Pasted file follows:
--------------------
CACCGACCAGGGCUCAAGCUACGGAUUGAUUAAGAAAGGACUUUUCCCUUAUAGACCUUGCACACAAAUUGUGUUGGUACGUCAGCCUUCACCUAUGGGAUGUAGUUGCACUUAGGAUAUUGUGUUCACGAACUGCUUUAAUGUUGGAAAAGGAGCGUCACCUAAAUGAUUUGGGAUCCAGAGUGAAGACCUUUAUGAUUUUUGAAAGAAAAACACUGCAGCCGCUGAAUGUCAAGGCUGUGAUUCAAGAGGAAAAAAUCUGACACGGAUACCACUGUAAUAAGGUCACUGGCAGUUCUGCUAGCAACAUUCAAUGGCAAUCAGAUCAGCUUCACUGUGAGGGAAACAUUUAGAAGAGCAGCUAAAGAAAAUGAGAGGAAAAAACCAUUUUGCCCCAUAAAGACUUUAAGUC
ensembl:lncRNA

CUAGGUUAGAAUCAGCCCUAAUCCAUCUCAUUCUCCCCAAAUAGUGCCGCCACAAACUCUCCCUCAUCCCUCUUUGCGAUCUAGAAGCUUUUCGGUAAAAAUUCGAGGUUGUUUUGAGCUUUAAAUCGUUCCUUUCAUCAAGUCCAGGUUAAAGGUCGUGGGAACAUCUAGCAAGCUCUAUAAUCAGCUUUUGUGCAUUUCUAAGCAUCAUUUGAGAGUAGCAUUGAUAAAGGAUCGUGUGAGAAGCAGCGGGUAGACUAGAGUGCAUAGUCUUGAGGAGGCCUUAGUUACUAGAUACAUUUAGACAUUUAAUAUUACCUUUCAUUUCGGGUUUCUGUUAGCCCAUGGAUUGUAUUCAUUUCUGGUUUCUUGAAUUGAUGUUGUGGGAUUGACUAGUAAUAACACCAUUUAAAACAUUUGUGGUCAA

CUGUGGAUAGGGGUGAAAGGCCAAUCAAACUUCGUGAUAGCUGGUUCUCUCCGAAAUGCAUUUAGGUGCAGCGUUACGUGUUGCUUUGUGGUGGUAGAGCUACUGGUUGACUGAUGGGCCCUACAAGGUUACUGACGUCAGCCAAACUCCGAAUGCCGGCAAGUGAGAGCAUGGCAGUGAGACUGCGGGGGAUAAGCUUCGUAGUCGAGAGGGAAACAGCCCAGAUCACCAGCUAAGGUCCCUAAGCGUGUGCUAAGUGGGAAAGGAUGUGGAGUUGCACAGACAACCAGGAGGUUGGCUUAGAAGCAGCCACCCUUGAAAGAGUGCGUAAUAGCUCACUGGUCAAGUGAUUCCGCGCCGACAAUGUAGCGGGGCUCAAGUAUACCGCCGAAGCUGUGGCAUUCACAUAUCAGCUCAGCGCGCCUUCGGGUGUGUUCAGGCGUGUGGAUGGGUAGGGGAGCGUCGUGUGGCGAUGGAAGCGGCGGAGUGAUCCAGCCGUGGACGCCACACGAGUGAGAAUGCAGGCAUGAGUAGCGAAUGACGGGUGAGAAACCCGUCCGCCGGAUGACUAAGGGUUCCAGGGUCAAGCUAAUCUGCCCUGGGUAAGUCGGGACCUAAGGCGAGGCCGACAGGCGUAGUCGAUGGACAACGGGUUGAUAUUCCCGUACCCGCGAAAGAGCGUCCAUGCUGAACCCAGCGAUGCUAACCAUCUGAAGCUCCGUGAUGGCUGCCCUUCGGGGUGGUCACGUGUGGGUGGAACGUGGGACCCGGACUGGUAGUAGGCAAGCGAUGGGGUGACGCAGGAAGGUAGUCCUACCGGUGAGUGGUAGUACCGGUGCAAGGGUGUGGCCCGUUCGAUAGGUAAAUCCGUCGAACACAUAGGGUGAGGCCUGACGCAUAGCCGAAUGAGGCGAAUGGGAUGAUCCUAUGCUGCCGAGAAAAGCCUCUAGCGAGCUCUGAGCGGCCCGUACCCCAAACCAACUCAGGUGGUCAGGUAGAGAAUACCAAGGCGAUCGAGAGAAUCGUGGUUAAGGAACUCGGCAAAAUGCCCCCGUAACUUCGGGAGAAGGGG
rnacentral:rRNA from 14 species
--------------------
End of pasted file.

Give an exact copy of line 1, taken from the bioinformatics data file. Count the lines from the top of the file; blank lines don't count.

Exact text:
CACCGACCAGGGCUCAAGCUACGGAUUGAUUAAGAAAGGACUUUUCCCUUAUAGACCUUGCACACAAAUUGUGUUGGUACGUCAGCCUUCACCUAUGGGAUGUAGUUGCACUUAGGAUAUUGUGUUCACGAACUGCUUUAAUGUUGGAAAAGGAGCGUCACCUAAAUGAUUUGGGAUCCAGAGUGAAGACCUUUAUGAUUUUUGAAAGAAAAACACUGCAGCCGCUGAAUGUCAAGGCUGUGAUUCAAGAGGAAAAAAUCUGACACGGAUACCACUGUAAUAAGGUCACUGGCAGUUCUGCUAGCAACAUUCAAUGGCAAUCAGAUCAGCUUCACUGUGAGGGAAACAUUUAGAAGAGCAGCUAAAGAAAAUGAGAGGAAAAAACCAUUUUGCCCCAUAAAGACUUUAAGUC